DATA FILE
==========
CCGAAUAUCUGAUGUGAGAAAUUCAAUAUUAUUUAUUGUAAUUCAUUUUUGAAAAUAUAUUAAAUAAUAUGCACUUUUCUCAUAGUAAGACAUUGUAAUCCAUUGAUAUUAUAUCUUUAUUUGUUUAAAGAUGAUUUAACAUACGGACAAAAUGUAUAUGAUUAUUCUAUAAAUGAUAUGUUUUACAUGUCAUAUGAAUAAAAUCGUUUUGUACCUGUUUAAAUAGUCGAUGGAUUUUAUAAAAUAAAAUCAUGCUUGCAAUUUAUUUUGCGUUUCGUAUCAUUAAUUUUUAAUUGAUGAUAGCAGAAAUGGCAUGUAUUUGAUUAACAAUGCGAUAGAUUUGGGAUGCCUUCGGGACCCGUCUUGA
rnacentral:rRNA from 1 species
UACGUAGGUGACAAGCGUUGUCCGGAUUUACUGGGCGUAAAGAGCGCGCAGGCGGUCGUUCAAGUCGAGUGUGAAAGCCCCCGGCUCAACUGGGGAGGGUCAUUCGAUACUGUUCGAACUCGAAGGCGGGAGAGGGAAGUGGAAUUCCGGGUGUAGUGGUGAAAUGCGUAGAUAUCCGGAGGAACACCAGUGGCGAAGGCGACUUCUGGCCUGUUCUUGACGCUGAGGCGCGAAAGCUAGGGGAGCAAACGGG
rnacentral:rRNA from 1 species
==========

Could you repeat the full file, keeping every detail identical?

CCGAAUAUCUGAUGUGAGAAAUUCAAUAUUAUUUAUUGUAAUUCAUUUUUGAAAAUAUAUUAAAUAAUAUGCACUUUUCUCAUAGUAAGACAUUGUAAUCCAUUGAUAUUAUAUCUUUAUUUGUUUAAAGAUGAUUUAACAUACGGACAAAAUGUAUAUGAUUAUUCUAUAAAUGAUAUGUUUUACAUGUCAUAUGAAUAAAAUCGUUUUGUACCUGUUUAAAUAGUCGAUGGAUUUUAUAAAAUAAAAUCAUGCUUGCAAUUUAUUUUGCGUUUCGUAUCAUUAAUUUUUAAUUGAUGAUAGCAGAAAUGGCAUGUAUUUGAUUAACAAUGCGAUAGAUUUGGGAUGCCUUCGGGACCCGUCUUGA
rnacentral:rRNA from 1 species
UACGUAGGUGACAAGCGUUGUCCGGAUUUACUGGGCGUAAAGAGCGCGCAGGCGGUCGUUCAAGUCGAGUGUGAAAGCCCCCGGCUCAACUGGGGAGGGUCAUUCGAUACUGUUCGAACUCGAAGGCGGGAGAGGGAAGUGGAAUUCCGGGUGUAGUGGUGAAAUGCGUAGAUAUCCGGAGGAACACCAGUGGCGAAGGCGACUUCUGGCCUGUUCUUGACGCUGAGGCGCGAAAGCUAGGGGAGCAAACGGG
rnacentral:rRNA from 1 species